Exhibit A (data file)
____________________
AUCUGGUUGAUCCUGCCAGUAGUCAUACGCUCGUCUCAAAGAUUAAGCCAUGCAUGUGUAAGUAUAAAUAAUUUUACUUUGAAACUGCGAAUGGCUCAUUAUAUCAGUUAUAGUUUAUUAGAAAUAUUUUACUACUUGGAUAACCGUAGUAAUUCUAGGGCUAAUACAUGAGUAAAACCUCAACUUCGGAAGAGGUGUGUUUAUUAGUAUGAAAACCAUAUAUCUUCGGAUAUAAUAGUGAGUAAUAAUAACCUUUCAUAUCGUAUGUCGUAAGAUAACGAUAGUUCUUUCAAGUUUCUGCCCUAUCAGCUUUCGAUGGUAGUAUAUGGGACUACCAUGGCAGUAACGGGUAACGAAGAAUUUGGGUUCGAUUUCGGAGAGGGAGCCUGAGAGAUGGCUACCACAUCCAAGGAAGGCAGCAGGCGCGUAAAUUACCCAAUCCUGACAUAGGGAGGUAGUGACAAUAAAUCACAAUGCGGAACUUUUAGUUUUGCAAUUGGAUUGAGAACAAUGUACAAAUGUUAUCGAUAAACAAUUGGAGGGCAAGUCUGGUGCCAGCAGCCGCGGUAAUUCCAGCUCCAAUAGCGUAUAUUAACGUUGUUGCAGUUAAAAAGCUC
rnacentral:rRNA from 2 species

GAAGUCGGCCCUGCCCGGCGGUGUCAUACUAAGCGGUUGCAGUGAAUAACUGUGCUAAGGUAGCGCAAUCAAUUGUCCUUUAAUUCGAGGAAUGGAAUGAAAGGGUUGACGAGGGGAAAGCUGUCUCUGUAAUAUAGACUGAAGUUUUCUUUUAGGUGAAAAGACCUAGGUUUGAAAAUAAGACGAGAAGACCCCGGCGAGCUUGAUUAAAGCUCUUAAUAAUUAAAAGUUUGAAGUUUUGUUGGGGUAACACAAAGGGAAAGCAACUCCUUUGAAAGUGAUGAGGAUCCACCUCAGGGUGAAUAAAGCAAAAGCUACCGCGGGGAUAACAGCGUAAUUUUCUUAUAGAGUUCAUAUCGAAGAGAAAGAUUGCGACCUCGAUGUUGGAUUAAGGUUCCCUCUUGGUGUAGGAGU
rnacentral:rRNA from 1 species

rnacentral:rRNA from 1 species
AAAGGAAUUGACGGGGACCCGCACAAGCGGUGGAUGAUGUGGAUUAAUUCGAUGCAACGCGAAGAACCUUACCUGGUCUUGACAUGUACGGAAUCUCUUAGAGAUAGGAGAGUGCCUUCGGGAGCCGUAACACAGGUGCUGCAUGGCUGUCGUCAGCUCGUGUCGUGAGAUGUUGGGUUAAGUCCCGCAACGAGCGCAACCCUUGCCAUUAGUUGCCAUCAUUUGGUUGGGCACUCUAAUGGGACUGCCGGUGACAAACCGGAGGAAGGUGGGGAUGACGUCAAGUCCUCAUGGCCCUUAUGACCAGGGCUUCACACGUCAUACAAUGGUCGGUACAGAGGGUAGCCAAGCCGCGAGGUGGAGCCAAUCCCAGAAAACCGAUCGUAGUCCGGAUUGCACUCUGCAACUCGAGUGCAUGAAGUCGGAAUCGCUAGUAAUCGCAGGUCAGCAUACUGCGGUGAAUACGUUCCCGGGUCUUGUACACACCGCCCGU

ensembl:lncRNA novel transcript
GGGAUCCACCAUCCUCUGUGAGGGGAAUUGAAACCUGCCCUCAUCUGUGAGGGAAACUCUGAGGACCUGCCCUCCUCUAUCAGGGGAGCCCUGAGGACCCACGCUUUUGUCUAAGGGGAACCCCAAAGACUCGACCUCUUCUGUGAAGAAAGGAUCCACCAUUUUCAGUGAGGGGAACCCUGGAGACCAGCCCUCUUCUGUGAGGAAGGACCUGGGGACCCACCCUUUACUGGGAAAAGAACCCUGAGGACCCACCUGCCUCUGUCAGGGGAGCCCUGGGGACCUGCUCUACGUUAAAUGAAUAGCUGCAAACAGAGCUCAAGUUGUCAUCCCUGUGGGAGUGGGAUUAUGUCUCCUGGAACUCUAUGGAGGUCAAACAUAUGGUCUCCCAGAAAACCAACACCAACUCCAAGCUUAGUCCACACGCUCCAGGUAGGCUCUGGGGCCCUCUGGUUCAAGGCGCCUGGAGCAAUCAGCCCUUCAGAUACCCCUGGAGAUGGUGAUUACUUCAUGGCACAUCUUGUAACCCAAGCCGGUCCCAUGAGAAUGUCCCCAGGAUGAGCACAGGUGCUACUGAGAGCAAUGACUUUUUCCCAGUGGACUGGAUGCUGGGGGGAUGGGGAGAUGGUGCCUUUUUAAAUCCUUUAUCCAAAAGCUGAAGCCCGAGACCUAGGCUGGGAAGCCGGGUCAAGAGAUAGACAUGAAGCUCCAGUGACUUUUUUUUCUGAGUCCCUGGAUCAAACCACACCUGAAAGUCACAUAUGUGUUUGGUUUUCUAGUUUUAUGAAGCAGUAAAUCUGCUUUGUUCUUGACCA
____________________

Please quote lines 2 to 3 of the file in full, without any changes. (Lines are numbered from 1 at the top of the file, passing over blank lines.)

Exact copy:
rnacentral:rRNA from 2 species

GAAGUCGGCCCUGCCCGGCGGUGUCAUACUAAGCGGUUGCAGUGAAUAACUGUGCUAAGGUAGCGCAAUCAAUUGUCCUUUAAUUCGAGGAAUGGAAUGAAAGGGUUGACGAGGGGAAAGCUGUCUCUGUAAUAUAGACUGAAGUUUUCUUUUAGGUGAAAAGACCUAGGUUUGAAAAUAAGACGAGAAGACCCCGGCGAGCUUGAUUAAAGCUCUUAAUAAUUAAAAGUUUGAAGUUUUGUUGGGGUAACACAAAGGGAAAGCAACUCCUUUGAAAGUGAUGAGGAUCCACCUCAGGGUGAAUAAAGCAAAAGCUACCGCGGGGAUAACAGCGUAAUUUUCUUAUAGAGUUCAUAUCGAAGAGAAAGAUUGCGACCUCGAUGUUGGAUUAAGGUUCCCUCUUGGUGUAGGAGU